5. Dan Henderson (22-6-0)
Is Henderson's gift his curse? One of the most recognizable fighters with dual-divisional clout, the 37-year-old former Olympian has up until recently told Zuffa that he doesn't favor a drop to the 185-pound class. Although additional wins at 205 pounds would only enhance the Team Quest Temecula leader's pound-for-pound stock, his decision to fight as a middleweight has produced one of the best fights in MMA. He'll face No. 1 pound-for-pound fighter Anderson Silva for the UFC 185-pound title, March 1 in Columbus, Ohio.
6. Takanori Gomi (27-3-0)
For all his warts, "The Fireball Kid" is the most accomplished lightweight this young sport has seen. While Gomi's unrequited losses to Joachim Hansen, B.J. Penn and Nick Diaz tend to stick out like a sore thumb, he has endured at the upper echelon of his division for seven years with heaps and heaps of top wins. Only time will tell whether the 29-year-old can continue to accrue those wins in his future home, wherever it is.
7. Shinya Aoki (11-2-0)
Yet another victim of PRIDE's demise, Aoki has solid wins in two weight classes that, at least for now, earn him a pound-for-pound ranking. As the sport trudges onward, though, it is imperative that the 24-year-old submission wizard gets back into some kind of action. MMA waits for no man. With the amount of competition in his weight range -- from 155 to 170 pounds -- even without the PRIDE Bushido refugees, the "Tobikan Judan" will quickly find himself overshadowed if he continues to opt for autograph sessions at Club DEEP rather than fights.
8. Sean Sherk (33-3-1)
Another fighter with a respectable résumé in two divisions, Sherk was seemingly poised to reign over the young and vibrant UFC 155-pound class, which would have provided ample opportunity to fortify his pound-for-pound stature. That is, of course, until he tested positive for nandrolone metabolite, thrusting him into a fight he's been embroiled in for the last three and a half months. The chips are stacked against "The Muscle Shark" in his formal appeal now scheduled for Dec. 4. If Sherk is suspended, the dynamic lightweight division and the rest of MMA will move on without him.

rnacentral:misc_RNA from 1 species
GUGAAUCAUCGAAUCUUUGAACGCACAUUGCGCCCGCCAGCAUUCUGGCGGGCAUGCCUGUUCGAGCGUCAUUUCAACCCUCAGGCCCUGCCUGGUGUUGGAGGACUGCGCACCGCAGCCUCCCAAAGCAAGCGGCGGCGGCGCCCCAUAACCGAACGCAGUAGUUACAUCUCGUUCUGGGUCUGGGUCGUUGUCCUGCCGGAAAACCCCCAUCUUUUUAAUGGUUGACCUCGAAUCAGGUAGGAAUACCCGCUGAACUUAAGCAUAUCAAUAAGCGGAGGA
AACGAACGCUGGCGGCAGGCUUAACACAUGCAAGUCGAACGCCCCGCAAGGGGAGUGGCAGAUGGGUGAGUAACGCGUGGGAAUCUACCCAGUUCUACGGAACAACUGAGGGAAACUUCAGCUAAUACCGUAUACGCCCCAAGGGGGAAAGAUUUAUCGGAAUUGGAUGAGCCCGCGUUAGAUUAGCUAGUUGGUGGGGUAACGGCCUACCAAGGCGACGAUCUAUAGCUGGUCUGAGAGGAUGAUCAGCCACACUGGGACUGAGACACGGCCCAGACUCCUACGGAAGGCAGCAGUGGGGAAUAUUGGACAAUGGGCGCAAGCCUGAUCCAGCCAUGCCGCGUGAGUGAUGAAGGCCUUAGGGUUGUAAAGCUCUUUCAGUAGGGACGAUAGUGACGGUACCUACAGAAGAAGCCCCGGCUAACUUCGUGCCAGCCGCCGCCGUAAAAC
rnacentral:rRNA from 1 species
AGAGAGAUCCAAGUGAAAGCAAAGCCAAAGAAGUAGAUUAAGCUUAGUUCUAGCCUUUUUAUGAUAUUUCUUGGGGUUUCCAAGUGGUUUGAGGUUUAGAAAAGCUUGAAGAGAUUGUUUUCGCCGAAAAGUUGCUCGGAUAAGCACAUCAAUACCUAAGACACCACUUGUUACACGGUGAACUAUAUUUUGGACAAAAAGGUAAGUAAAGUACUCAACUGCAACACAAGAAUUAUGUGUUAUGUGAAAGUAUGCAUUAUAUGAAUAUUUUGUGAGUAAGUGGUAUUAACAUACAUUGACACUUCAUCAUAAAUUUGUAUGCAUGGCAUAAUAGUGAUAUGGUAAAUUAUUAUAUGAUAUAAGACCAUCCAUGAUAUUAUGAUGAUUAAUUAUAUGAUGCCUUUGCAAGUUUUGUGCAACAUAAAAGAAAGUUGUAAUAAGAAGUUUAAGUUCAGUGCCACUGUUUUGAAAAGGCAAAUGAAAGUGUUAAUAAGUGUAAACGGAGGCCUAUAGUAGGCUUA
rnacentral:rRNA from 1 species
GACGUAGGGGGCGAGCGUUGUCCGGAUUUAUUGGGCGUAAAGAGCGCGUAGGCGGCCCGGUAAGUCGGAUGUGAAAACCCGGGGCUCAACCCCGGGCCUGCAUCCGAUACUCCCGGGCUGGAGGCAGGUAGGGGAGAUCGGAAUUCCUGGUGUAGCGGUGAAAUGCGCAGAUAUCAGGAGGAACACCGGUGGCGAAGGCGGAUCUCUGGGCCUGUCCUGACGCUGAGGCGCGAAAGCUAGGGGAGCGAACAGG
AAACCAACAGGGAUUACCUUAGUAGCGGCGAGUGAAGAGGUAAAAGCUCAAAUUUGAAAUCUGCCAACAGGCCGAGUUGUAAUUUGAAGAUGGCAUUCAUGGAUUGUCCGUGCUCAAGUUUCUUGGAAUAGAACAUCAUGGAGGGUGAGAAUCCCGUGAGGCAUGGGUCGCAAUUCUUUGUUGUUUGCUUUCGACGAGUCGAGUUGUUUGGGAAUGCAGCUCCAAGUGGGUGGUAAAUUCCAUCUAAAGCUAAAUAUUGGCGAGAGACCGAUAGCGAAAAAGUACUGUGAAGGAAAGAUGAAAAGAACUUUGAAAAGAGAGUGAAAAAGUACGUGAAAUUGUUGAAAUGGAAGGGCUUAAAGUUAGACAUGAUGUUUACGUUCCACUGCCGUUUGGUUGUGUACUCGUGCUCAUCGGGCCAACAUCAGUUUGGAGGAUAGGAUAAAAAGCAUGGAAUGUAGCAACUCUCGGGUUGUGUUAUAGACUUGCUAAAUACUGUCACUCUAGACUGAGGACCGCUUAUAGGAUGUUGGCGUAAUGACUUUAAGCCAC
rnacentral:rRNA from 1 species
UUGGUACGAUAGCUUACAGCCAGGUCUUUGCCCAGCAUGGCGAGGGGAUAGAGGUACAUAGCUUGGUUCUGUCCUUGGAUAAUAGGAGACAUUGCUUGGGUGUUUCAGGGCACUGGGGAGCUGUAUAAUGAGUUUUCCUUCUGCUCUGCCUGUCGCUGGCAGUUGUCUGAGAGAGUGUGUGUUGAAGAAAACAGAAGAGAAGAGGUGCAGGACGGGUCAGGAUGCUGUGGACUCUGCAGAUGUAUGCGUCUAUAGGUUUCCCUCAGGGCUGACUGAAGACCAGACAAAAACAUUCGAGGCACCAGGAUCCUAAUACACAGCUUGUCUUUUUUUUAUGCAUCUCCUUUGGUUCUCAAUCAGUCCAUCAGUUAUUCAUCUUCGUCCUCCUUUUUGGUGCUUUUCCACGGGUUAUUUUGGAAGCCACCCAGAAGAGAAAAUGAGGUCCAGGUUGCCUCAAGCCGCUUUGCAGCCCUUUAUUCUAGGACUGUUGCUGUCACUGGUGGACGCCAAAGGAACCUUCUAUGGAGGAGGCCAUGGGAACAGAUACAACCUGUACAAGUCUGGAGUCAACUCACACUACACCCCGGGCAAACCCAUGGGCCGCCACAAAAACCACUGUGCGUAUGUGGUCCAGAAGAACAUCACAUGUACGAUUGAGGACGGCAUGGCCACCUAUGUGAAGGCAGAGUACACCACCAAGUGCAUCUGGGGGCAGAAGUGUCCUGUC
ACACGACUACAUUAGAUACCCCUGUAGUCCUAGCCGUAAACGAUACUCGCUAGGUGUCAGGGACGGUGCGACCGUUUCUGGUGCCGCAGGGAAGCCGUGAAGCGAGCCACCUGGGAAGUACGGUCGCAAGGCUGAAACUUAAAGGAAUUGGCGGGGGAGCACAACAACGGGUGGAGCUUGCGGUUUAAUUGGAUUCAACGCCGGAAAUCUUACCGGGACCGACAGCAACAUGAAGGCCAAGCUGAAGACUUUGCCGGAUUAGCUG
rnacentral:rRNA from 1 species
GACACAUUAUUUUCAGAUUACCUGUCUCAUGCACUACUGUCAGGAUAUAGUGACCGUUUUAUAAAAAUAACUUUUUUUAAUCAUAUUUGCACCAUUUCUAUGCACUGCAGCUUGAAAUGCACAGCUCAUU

9. Norifumi Yamamoto (16-1-0, 1 NC)
After establishing himself as a top featherweight, "KID" jumped to K-1 three years ago and moved up to lightweight for payday purposes. Along the way he happened to become a superstar in Japan, where he picked up some solid wins. Now, following his failed bid to qualify for the 2008 Beijing Games, Yamamoto is back in MMA. With Fight Entertainment Group looking to create a featherweight division with Yamamoto in mind, the future would seem bright for the 30-year-old, who may finally realize his incredible potential against some of the division's top competitors.
10. Randy Couture (16-8-0)
It was a team effort for "The Natural" to fill the final spot. Couture's disciple Forrest Griffin completed the enormous task of knocking off high-standing pound-for-pounder Mauricio "Shogun" Rua in the Brazilian's UFC debut. As a result, Couture's two fantastic wins over Gabriel Gonzaga and Tim Sylvia see him slide in the back door of the list. At the age of 44, Couture won't be able to climb the pound-for-pound ranks for long, especially as he sits on the sidelines battling the UFC.